8. Gorgeous blooms.Thanks for sharing them

  9. The orchids are all very pretty! I tend towards blue in clothing, furniture, accessories, etc. So blue it is!

  10. Beautiful orchids and your story too Andrea! I wish you or your sister could have kept your orchid collection. I think I just love all the colors!

  11. As an orchid lover, you might find my blog (on Florida's native orchids) an interesting read:

    The Florida Native Orchid Blog

    The Florida Native Orchid Website

  12. Andrea: Very beautiful orchid photos! I also love vanda orchids very much, and now owns four of them. I have a hybrid of Vanda Sanderiana x Vanda Taweesuka, looks very like your second picture. I also have Vanda Kultawa 'Blue' and Vanda Sawita'blue', fell into your blue/violet color category. Very pretty. I love them all. Right now I hung them under my oak tree, and wish they can be with me for many many years.

  13. Well, Andrea, you know what they say - "once bitten..." the passion for orchids may remain dormant for a while, but then one day it demands fulfillment...

    It;s interesting for me to read about color preferences -blue's are the color of communicators (throat chakra), purples and indigo represent intuition, imagination, awareness and we all drawn to different color flowers at different times.

    Love all the vanda's in your pictures and their colors - clarity (yellow), creativity (orange), energy and courage (red), affection (pink), compassion (gold), stability (brown) - love them all - thank you for sharing these beauties!

  14. I never tried growing orchids and only see them at garden shows or at conservatories. They are so beautiful and I'm afraid I'd kill them. There were so many beauties the show you attended, so different than what I've seen. I enjoyed looking at them.

  15. Andrea, I really like the orange and the blue/purple orchids together. Carolyn

  16. If I should ever venture into orchids, I would go for the Brassia rex and the Paphiopedilum haynaldianum. My wife would probably make me get the blue violet Vanda's and coerce me into taking care of them for her.

  17. Dear Andrea, I love your story and your stunning photographs, especially the beautiful blue blossoms! P x

  18. Dear Everyone, it really amazed me that after a night i already have 16 comment, which you all know, really inspire me.

    Autumn Belle - you will know how to grow them if you know what they want. The most basic thing to know is light and water requirements, actually fertilizer is only the 3rd. Catleya maybe is more exacting than Vanda, i wonder why i appreciate them but dont like much to have them. You should start with terete vanda, they will really inspire you.

    Kanak - thank you for your appreciation, I also gravitate to the blues.

    Bangchik - we have lots of blue orchids here, and also in Thailand. thank you.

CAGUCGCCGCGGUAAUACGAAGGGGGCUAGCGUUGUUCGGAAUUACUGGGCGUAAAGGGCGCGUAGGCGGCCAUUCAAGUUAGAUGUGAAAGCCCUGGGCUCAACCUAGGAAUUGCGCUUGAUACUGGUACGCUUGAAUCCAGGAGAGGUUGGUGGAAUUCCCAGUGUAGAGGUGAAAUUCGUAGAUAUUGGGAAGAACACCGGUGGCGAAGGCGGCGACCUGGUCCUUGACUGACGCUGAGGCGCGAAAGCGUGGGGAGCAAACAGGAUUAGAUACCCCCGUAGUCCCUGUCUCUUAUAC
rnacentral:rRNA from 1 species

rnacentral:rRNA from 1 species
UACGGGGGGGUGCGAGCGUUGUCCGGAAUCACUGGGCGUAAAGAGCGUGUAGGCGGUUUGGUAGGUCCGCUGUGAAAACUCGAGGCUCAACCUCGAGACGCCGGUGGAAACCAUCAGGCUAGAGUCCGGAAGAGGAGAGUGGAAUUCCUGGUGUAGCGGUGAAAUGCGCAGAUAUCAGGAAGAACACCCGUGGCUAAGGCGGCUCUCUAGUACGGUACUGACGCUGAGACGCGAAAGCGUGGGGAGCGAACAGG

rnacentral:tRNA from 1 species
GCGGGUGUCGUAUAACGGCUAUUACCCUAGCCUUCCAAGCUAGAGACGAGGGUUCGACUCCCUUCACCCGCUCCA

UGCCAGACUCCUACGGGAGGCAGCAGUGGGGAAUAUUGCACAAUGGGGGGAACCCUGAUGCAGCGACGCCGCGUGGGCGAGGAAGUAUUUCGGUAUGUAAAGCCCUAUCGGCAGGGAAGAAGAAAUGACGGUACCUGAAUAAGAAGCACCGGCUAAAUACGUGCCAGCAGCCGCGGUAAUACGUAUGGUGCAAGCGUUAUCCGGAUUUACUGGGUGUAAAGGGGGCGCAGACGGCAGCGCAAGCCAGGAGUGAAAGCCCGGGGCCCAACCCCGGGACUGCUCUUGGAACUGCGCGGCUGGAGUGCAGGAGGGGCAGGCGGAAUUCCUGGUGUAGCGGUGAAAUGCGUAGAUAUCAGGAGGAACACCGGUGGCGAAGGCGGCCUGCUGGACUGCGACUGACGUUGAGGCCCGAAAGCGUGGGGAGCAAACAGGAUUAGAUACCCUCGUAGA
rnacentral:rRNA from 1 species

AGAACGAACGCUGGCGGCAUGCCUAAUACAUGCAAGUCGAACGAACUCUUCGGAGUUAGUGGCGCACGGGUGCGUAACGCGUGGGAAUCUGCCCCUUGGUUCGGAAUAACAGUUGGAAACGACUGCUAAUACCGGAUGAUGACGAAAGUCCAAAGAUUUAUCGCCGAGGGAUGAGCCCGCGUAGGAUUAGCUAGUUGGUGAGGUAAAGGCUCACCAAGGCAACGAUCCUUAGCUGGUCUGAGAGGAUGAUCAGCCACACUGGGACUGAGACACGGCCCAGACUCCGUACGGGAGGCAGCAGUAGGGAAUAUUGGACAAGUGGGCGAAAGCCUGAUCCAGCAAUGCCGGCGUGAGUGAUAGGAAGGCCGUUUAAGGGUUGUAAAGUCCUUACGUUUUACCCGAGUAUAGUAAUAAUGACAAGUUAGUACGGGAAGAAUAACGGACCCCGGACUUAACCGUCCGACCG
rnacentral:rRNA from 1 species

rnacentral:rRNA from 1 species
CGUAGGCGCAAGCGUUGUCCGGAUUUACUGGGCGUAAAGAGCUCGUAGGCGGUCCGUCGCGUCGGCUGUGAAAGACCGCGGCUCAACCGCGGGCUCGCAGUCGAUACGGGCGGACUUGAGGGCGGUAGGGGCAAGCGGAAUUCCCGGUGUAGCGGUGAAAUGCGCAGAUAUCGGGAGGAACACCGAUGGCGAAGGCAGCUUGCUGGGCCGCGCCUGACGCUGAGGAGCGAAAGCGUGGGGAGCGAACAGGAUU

Donna - Vanda might not be easily acclimatized in your cold climate. It loves hot and humid environment. But there are lots of unusual orchids fitted to your climes.

    Randy - haha, you will really kill them if you dont know them well. Besides, not a lot of orchids can withstand winter, surely they'll die.

    Ruth - thanks for your visit, hope you come again.

    Linda - okay so you gravitate to the blue as well, like me.

    Carol - yes most orchids are all lovely, it's just that some are lovelier, haha. BTW, just learned that there is Wisteria also endemic here! Finally, i can plant them too.

  19. Prem - thanks for visiting, sure i will visit your site next time. Thanks for the visit.

    Ami - congratulations for your orchid success. If they can already be long and propagated, you can have more, and they will shoot again on the cut and you will double or triple your collection. So we both love the blues and violets.

    Klara - yes those are good indicators of one's consciousness. Your messages fall into the right hands, haha! You might be interested to know that i am not a fan of the reds, the basic chakra, maybe i'm not properly grounded! Blues and violets seem to always been my preferences. You are very right in saying that 'once beaten...", i am just actually dormant because i lack many requirements. Later on i will be active again. thank you.

    Catherine - maybe in your areas orchids are better grown in conservatories, esp those with simulated conditions like temperature and humidity. But in the tropics they are just grown outdoors, in full sun.

    Carolyn - as most say, every orchid color and shapes are beautiful.

    Bom - when i was in college i have a Paphiopedilum which is at the side of the window, I had it for 2 yrs. They are a bit more difficult than Vanda. I am not familiar with Brassia rex. You should entice your wife to take care of them too, later on she will be hooked.

    Pam - thanks for your visit and appreciation.

  20. I have never dared to home an orchid but I lean toward the dark oranges.

  21. Had I known that the orchid exhibit was being held at the Quezon Circle I would have stopped by to see it. I was at the Manila Seedling Bank last Mar. 1 with my mom in search of more plants. We passed by the Circle on our way to the seedling bank.

    I was internet deprived for the most part of my short vacation so I wasn't aware of that event.